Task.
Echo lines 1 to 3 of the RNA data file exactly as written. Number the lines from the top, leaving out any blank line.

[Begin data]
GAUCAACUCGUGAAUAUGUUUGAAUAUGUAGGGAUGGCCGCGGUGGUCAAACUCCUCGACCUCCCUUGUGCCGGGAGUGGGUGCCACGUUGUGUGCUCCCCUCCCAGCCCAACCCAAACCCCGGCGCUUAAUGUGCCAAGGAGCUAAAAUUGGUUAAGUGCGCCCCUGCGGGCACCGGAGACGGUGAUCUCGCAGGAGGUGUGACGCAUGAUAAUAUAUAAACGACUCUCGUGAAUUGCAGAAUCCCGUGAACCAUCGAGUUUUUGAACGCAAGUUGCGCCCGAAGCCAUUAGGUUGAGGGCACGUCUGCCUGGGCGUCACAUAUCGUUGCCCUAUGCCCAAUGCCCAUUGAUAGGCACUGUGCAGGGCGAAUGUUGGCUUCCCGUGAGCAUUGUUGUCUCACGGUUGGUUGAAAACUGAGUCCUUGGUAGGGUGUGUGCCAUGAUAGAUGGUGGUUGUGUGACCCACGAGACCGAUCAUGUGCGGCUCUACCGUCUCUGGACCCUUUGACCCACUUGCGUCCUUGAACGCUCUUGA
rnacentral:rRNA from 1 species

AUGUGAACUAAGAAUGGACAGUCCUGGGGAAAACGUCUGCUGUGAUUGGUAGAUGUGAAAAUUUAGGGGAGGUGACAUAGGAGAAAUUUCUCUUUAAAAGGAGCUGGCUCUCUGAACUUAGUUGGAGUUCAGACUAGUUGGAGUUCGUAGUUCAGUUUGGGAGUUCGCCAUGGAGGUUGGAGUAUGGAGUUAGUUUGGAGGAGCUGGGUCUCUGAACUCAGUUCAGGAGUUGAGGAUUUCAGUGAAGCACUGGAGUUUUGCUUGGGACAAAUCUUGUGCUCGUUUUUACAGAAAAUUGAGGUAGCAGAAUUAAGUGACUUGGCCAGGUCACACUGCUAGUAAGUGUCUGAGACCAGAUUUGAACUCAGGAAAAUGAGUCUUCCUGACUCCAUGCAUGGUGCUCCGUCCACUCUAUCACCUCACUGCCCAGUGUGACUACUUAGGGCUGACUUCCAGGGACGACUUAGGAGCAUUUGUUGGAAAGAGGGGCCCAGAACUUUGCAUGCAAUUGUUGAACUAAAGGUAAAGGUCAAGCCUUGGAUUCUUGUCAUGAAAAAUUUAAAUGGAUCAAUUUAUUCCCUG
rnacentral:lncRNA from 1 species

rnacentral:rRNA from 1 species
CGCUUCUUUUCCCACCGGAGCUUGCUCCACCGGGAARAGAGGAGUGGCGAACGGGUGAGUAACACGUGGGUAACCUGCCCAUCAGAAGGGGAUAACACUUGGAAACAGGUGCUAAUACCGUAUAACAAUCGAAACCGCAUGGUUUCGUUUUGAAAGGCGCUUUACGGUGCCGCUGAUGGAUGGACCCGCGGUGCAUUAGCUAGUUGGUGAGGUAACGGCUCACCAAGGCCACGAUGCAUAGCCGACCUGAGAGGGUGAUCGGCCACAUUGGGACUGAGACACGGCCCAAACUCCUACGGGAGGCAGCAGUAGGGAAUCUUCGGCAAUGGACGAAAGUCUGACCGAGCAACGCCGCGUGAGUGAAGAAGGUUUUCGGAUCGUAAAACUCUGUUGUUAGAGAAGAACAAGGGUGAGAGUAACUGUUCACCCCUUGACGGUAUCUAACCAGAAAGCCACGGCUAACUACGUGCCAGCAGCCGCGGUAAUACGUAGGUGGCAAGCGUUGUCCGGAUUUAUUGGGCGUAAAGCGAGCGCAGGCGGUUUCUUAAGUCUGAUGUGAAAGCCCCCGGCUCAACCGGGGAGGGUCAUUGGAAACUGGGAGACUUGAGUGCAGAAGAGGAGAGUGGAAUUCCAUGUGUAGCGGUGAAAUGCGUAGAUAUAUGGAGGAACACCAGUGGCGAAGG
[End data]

GAUCAACUCGUGAAUAUGUUUGAAUAUGUAGGGAUGGCCGCGGUGGUCAAACUCCUCGACCUCCCUUGUGCCGGGAGUGGGUGCCACGUUGUGUGCUCCCCUCCCAGCCCAACCCAAACCCCGGCGCUUAAUGUGCCAAGGAGCUAAAAUUGGUUAAGUGCGCCCCUGCGGGCACCGGAGACGGUGAUCUCGCAGGAGGUGUGACGCAUGAUAAUAUAUAAACGACUCUCGUGAAUUGCAGAAUCCCGUGAACCAUCGAGUUUUUGAACGCAAGUUGCGCCCGAAGCCAUUAGGUUGAGGGCACGUCUGCCUGGGCGUCACAUAUCGUUGCCCUAUGCCCAAUGCCCAUUGAUAGGCACUGUGCAGGGCGAAUGUUGGCUUCCCGUGAGCAUUGUUGUCUCACGGUUGGUUGAAAACUGAGUCCUUGGUAGGGUGUGUGCCAUGAUAGAUGGUGGUUGUGUGACCCACGAGACCGAUCAUGUGCGGCUCUACCGUCUCUGGACCCUUUGACCCACUUGCGUCCUUGAACGCUCUUGA
rnacentral:rRNA from 1 species

AUGUGAACUAAGAAUGGACAGUCCUGGGGAAAACGUCUGCUGUGAUUGGUAGAUGUGAAAAUUUAGGGGAGGUGACAUAGGAGAAAUUUCUCUUUAAAAGGAGCUGGCUCUCUGAACUUAGUUGGAGUUCAGACUAGUUGGAGUUCGUAGUUCAGUUUGGGAGUUCGCCAUGGAGGUUGGAGUAUGGAGUUAGUUUGGAGGAGCUGGGUCUCUGAACUCAGUUCAGGAGUUGAGGAUUUCAGUGAAGCACUGGAGUUUUGCUUGGGACAAAUCUUGUGCUCGUUUUUACAGAAAAUUGAGGUAGCAGAAUUAAGUGACUUGGCCAGGUCACACUGCUAGUAAGUGUCUGAGACCAGAUUUGAACUCAGGAAAAUGAGUCUUCCUGACUCCAUGCAUGGUGCUCCGUCCACUCUAUCACCUCACUGCCCAGUGUGACUACUUAGGGCUGACUUCCAGGGACGACUUAGGAGCAUUUGUUGGAAAGAGGGGCCCAGAACUUUGCAUGCAAUUGUUGAACUAAAGGUAAAGGUCAAGCCUUGGAUUCUUGUCAUGAAAAAUUUAAAUGGAUCAAUUUAUUCCCUG